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Objectives: Chronic primary systemic vasculitidies (CPV) are a collection of rare diseases involving inflammation in blood vessels, often in multiple organs. CPV can affect adults and children and may be life- or organ-threatening. Treatments for adult CPV, although effective, have known severe potential toxicities; safety and efficacy of these drugs in pediatric patients is not fully understood. There is an unmet need for biologic measures to assess the level of disease activity and, in turn, inform treatment choices for stopping, starting, or modifying therapy. This observational study determines if S100 calcium-binding protein A12 (S100A12) and common inflammatory indicators are sensitive markers of disease activity in children and adolescents with CPV that could be used to inform a minimal effective dose of therapy. Methods: Clinical data and sera were collected from 56 participants with CPV at study visits from diagnosis to remission. Serum concentrations of S100A12, C-reactive protein (CRP) and hemoglobin (Hb) as well as whole blood cell counts and erythrocyte sedimentation rate (ESR) were measured. Disease activity was inferred by physician's global assessment (PGA) and the pediatric vasculitis activity score (PVAS). Results: Serum concentrations of standard markers of inflammation (ESR, CRP, Hb, absolute blood neutrophil count), and S100A12 track with clinically assessed disease activity. These measures-particularly neutrophil counts and sera concentrations of S100A12-had the most significant correlation with clinical scores of disease activity in those children with vasculitis that is associated with anti-neutrophil cytoplasmic antibodies (ANCA) against proteinase 3. Conclusions: S100A12 and neutrophil counts should be considered in the assessment of disease activity in children with CPV particularly the most common forms of the disease that involve proteinase 3 ANCA. Key messages: - In children with chronic primary systemic vasculitis (CPV), classical measures of inflammation are not formally considered in scoring of disease activity. - Inflammatory markers-specifically S100A12 and neutrophil count-track preferentially with the most common forms of childhood CPV which affect small to medium sized vessels and involve anti neutrophil cytoplasmic antibodies (ANCA) against proteinase-3.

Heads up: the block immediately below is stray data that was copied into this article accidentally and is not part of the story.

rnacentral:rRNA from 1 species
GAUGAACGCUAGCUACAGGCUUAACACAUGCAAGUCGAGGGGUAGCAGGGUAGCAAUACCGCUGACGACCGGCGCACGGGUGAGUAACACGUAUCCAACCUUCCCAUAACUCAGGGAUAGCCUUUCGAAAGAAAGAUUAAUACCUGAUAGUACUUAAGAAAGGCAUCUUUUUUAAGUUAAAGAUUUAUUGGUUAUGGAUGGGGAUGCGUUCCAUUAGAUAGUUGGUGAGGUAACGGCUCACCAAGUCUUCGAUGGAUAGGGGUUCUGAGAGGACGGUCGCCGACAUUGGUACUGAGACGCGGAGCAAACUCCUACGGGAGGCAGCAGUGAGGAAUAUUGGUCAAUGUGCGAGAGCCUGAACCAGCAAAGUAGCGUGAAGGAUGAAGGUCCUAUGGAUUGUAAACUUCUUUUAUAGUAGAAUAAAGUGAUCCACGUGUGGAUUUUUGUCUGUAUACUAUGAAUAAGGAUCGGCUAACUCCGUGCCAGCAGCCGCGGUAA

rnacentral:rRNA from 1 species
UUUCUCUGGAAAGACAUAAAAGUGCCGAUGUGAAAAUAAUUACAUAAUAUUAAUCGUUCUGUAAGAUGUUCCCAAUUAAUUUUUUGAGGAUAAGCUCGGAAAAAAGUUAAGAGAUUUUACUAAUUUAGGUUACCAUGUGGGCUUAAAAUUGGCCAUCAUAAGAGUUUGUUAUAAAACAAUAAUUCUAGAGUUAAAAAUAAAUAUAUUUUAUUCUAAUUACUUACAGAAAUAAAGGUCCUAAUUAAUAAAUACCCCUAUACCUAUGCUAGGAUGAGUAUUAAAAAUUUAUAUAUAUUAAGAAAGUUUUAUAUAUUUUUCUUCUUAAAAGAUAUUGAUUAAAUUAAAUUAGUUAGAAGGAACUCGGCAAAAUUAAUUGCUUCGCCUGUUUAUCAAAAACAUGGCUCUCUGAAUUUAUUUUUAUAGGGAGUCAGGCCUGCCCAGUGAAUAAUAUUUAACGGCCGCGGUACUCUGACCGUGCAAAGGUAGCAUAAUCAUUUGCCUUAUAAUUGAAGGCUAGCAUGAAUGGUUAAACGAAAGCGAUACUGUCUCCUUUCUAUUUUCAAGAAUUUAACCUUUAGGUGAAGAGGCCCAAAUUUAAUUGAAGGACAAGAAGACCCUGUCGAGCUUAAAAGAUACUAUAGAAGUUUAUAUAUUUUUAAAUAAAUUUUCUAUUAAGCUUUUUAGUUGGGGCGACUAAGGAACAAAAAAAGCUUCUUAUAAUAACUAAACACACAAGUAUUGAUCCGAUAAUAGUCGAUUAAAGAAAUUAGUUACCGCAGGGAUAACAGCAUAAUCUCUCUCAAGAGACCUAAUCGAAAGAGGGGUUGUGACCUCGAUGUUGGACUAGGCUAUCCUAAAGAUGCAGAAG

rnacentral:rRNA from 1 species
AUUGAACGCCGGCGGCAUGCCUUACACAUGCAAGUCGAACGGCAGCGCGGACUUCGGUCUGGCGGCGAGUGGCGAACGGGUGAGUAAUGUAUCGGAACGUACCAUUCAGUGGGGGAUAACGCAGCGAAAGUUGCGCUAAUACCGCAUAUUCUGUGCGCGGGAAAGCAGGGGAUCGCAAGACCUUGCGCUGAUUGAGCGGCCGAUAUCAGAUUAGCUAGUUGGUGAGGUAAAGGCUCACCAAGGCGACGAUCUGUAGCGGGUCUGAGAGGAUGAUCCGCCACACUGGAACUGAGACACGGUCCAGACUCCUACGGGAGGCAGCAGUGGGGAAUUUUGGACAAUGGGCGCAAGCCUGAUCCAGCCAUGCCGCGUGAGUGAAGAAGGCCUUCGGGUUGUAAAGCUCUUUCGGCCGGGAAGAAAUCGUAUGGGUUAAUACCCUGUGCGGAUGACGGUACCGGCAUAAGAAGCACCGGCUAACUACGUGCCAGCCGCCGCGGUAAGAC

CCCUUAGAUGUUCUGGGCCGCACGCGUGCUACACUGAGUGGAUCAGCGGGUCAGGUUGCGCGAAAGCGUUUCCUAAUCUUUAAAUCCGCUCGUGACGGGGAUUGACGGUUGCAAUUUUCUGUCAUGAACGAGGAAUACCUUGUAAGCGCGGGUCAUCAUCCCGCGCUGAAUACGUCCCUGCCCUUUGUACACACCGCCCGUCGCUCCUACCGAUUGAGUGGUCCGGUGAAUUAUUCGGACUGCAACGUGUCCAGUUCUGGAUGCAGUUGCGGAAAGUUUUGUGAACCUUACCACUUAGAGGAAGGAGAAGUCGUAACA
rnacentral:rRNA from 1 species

Original publication

DOI

10.3389/fped.2018.00341

Type

Journal article

Journal

Front pediatr

Publication Date

2018

Volume

6

Keywords

S100A12, chronic primary systemic vasculitis, disease activity score, neutrophils, proteinase 3